Everything about The Absolute is cold and skeletal. From the very dark cover artwork – where somewhere beneath the black resides a skeleton – to the track titles made up of combinations of nihilistic words fit together to give the proper feeling of hatred, En Nihil’s packaging proclaims the attitude of the artist moniker to the utmost degree. And then, on the disc itself, are spinning skulls, which on every playthrough begin to resemble us in their endless cyclical pattern of decay.
Most of the tracks on The Absolute play out in similar stylings, adhering to the power electronics genre’s use of loops and death marches to send the listener on their way through a soundscape that becomes terrifyingly futile to escape. Opener “The Absolute” sets a mid-to-fast-paced march right away with pounding bass and screeching metal scalloping the listener at every turn. The loops keep churning with “Cold March”, a slower-paced plod with stuttery static, bated breathing sounds, and huge pounding bass. En Nihil makes good use of volume control on The Absolute, and the mixing of each noise on the songs makes every piece distinct, noticeable, powerful.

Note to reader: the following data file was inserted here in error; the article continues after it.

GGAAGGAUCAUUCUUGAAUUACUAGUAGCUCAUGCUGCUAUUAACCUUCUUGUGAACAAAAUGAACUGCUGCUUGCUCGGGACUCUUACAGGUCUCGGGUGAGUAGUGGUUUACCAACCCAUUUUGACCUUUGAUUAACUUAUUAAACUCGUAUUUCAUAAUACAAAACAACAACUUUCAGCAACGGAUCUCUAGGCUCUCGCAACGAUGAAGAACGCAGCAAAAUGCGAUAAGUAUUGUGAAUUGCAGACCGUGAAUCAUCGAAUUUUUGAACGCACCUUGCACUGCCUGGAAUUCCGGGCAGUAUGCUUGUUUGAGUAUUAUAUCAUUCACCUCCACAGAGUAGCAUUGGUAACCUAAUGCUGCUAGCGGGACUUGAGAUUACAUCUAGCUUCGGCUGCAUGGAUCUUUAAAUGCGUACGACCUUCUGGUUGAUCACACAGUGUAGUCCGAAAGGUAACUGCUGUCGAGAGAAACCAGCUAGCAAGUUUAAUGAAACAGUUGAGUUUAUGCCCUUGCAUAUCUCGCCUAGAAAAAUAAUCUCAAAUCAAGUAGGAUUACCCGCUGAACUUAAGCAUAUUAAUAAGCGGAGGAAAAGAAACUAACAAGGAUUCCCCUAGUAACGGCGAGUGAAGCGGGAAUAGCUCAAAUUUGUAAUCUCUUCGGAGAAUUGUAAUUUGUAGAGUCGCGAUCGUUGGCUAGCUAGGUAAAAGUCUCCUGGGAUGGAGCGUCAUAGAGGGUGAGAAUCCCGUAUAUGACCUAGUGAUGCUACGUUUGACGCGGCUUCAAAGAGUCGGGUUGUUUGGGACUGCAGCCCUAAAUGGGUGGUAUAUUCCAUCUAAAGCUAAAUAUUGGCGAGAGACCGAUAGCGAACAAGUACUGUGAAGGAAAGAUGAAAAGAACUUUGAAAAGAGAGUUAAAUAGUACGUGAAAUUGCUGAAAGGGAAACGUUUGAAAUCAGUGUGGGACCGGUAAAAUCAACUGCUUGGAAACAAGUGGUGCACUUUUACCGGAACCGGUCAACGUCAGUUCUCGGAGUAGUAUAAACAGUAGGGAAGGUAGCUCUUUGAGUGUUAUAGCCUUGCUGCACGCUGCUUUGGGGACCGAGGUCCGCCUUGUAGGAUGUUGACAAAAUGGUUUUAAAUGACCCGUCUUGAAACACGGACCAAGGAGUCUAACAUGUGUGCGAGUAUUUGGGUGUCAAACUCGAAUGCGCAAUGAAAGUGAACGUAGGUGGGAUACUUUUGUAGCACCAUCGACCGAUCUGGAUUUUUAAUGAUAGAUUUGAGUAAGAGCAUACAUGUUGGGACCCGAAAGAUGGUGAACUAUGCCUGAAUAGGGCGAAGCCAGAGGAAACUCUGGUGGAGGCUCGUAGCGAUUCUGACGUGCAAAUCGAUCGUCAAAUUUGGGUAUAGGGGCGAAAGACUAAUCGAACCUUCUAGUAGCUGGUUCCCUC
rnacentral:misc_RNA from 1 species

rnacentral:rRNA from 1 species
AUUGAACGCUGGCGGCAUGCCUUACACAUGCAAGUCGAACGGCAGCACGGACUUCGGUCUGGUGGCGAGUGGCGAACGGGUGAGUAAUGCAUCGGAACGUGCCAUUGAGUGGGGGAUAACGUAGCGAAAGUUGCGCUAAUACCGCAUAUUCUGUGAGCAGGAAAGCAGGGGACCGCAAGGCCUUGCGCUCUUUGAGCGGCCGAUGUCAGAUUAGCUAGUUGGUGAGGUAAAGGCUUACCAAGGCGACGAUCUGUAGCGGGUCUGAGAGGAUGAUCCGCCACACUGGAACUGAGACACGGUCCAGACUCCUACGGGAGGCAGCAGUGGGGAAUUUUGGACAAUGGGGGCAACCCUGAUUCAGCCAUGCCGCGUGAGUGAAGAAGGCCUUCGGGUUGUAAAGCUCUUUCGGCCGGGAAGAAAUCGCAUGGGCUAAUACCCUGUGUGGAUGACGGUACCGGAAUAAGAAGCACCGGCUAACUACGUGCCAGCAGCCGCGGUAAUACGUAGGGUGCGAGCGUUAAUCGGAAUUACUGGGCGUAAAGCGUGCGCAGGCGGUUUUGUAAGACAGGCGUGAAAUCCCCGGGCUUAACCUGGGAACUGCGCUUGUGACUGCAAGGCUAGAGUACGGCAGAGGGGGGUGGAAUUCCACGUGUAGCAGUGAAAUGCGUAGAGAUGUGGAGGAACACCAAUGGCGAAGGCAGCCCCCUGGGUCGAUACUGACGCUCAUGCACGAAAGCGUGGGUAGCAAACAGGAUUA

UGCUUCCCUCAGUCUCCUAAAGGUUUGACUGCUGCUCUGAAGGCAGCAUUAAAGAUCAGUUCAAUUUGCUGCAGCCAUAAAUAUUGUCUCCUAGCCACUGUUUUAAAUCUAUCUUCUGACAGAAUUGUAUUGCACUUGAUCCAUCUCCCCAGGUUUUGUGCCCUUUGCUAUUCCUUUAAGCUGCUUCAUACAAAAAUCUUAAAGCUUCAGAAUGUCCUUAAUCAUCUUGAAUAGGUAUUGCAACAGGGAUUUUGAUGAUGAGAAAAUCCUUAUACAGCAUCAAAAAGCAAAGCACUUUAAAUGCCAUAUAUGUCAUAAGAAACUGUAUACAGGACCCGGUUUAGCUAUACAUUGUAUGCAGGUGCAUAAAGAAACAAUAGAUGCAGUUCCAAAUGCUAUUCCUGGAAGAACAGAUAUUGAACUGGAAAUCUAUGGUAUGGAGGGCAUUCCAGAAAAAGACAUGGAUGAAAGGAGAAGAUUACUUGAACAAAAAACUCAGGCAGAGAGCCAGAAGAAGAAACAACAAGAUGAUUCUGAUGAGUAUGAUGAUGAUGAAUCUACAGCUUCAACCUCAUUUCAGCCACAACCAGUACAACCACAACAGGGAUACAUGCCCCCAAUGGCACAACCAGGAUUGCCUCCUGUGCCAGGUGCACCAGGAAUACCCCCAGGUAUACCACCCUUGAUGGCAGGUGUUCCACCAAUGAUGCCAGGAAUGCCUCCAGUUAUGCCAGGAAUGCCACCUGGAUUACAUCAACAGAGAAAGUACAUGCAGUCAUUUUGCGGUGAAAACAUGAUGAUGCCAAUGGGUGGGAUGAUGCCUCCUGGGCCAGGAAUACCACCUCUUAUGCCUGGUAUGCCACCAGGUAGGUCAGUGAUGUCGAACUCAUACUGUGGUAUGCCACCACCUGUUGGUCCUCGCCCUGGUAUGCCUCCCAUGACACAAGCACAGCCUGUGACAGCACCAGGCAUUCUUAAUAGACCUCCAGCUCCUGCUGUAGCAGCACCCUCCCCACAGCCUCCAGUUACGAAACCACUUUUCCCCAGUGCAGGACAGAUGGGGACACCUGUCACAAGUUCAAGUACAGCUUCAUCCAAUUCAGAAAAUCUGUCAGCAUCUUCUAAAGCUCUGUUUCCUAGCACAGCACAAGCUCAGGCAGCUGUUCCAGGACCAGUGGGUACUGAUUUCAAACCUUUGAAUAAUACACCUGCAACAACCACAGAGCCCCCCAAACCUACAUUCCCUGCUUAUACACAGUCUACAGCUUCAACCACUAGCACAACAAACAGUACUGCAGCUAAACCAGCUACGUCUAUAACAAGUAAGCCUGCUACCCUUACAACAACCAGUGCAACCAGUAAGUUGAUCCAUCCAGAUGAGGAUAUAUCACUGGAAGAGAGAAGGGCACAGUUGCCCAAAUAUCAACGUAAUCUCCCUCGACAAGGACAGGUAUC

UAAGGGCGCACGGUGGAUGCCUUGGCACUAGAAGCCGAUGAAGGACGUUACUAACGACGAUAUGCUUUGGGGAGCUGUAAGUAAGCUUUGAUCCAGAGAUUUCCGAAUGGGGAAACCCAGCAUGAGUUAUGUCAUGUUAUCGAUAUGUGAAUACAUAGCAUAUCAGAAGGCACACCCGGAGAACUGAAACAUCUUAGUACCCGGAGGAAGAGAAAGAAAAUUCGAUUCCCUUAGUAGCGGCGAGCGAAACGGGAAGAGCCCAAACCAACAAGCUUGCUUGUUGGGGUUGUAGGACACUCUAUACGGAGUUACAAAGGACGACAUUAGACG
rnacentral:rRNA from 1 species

And the name of the game here is the pulsing loop, which makes its way all around the entirety of the release. But for power electronics, the loop isn’t so much important as the intensity which is felt as the track continues to repeat and condense. En Nihil interlaces these tracks with a lot of complexity, pairing high feedback with lower rumbles and static, all at the same time continuing that steady marching effect. On The Absolute, no growled vocals are necessary to relay the power of the sound – instead, it’s the complex pairing of two distinct sounds together with syncopated rhythms that imbues the track with emotion. “Crown of Nothing” stands out in particular with its rhythmic, almost symphonically-structured sounds, electronics that sound like instruments performing a dark opera. There’s a drama going on behind the crash of sound that metaphorically stands for the stomp of the attacking army.
With the end of the lengthy “Everything Ends (In Decay)”, it’s apparent En Nihil has achieved the sense of oblivion sought after – a dusky, murky mix of somnolent tones and whispering sounds that end in an excellent organ song perfect for a murder victim’s wake. The Absolute is dark, disturbing, and noisy, but it’s also got great hooks. March to death.
I believe this is still available. Pick it up here.